Baby uses their 8 senses every single day!

Many senses continue to develop and change even after we are born. Here we’ll learn more about the hearing (auditory) sense, and how you can help baby develop their sense of hearing.

What is the hearing sense and how do we use it?


The hearing sense allows us to recognize, and locate different sounds. In babies, they will notice toys that make sound and turn their head towards noises. In children, they are able to recognize sounds and respond to questions. As adults, we are constantly using our hearing. With music, work meetings, television, or anything else, we use our hearing to navigate the world.

Before baby comes home from the hospital, they will receive a hearing test (also called a hearing screening). This test helps to see if baby is having any issues with their hearing prior to coming home. If baby is found to have an issue with their hearing, intervening early can help their communication and social-emotional development. Learn more!

How can you help baby use their hearing sense? Check out these games, which help with the hearing sense.

Remember: safety first!

Always supervise baby while playing any of these games.

0-3 Months

  • Rattle Up & Down: Move and groove with a rattle – up and down. While they won’t be able to shake it on their own yet, their reflexes will allow them to grasp the handle and enjoy the sounds as you help shake it.
  • Tap, Tap, Tap: With baby on their back, sing a song. While singing, tap the bottom of their feet in time with the song. Baby will love hearing your voice and the tapping gives them a new sound experience.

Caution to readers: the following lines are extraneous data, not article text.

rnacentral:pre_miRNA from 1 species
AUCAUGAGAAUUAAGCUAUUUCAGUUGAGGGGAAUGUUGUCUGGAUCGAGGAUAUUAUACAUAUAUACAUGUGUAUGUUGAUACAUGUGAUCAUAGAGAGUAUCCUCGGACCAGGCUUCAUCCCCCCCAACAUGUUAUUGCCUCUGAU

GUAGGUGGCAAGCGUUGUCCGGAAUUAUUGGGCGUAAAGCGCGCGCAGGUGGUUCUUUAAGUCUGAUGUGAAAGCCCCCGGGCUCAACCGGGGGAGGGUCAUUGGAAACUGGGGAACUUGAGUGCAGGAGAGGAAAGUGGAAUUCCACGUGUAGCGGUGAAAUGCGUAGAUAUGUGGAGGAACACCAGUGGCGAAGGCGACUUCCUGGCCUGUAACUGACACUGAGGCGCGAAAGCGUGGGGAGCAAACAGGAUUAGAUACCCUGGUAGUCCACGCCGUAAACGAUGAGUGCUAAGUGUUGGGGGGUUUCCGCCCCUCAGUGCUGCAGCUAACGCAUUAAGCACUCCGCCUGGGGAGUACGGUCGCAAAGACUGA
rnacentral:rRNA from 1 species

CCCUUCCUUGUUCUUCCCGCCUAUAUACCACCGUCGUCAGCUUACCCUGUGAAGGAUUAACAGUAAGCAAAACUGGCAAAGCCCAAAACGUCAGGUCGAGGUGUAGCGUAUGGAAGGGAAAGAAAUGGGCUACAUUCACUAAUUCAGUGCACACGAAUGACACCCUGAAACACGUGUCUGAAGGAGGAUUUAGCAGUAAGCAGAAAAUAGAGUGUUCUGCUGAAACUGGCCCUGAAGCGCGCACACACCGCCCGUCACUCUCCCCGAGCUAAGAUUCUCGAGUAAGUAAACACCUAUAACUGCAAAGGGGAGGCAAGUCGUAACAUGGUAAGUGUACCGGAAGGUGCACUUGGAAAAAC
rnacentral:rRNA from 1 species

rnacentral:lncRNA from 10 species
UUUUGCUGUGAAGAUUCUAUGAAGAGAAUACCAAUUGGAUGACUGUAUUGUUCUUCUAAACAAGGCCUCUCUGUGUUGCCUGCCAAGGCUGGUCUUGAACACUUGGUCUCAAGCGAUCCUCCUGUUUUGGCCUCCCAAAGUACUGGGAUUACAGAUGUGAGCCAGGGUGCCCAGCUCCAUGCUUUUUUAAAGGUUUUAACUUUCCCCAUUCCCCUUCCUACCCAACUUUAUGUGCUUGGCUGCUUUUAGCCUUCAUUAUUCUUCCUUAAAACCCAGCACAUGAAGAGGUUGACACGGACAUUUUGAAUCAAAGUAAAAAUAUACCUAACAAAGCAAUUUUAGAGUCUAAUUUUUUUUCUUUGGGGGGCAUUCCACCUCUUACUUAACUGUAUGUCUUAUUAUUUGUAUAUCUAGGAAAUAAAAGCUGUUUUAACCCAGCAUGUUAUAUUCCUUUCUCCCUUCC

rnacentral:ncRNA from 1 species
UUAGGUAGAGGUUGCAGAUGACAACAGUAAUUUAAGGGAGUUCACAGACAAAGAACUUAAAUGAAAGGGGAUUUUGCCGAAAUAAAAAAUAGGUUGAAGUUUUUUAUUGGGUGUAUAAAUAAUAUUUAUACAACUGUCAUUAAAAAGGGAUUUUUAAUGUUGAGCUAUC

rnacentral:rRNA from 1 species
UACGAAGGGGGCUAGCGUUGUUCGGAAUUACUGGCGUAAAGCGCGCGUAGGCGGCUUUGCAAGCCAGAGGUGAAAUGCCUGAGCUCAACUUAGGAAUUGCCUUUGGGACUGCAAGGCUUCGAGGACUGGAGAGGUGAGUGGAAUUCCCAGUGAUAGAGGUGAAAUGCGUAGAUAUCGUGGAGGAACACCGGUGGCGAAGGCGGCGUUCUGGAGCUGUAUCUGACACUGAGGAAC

• Parent Talkathon: Talking to baby is important! Use a slow, higher than normal pitch, almost a melodic voice to help get and keep baby’s attention. Babies prefer the sound of Moms’ and Dads’ voices. Your baby might even copy your tongue and mouth movements.
  • Mobile Songs: If your baby’s mobile plays music, sing along with the songs. Hold their hand or rock them while you sing. Play similar music for him at other times of the day, all around the house.
  • Tummy Carry & Chat: Hold baby close to you in a tummy-down carry. Slide one hand under the tummy and between their legs when carrying baby tummy-down. Chat while you go: “Up!” (lift them slightly); “Down!” (bring them back down); “And All Around!” (Move them left to right.)
  • Express Yourself: Baby carefully watches your expressions and will be using more of their own by this age. Use a variety of facial expressions.

4-6 Months

  • Break Out the Board Books: Baby loves the sound of your voice while you read and the colors and shapes in books. Mix it up by reading in different locations or during Tummy Time. “Reading” can also be describing pictures without following the written words.
  • Chatter Box: Talk to baby often to let them hear the sounds and rhythms of speech. Describe your actions throughout the day as you dress, feed, and bathe baby. Listen as baby responds to you.
  • Household Hub-Bub: Use household items like squeeze toys or newspapers to make different noises for baby. Repeat sounds at different volumes and in different orders to keep them interested. Then give them the items and help them make sounds.
  • Copy-Cat Chit-Chat: Encourage baby to make noise by responding as if in conversation. Repeat sounds they make and add new words. Baby will learn the give and take of communication and may begin to babble sounds from words they’ve heard you say.
  • Yakety Yak: Encourage two-way communication. When baby coos or babbles be sure to respond and take turns “talking.”

7-9 Months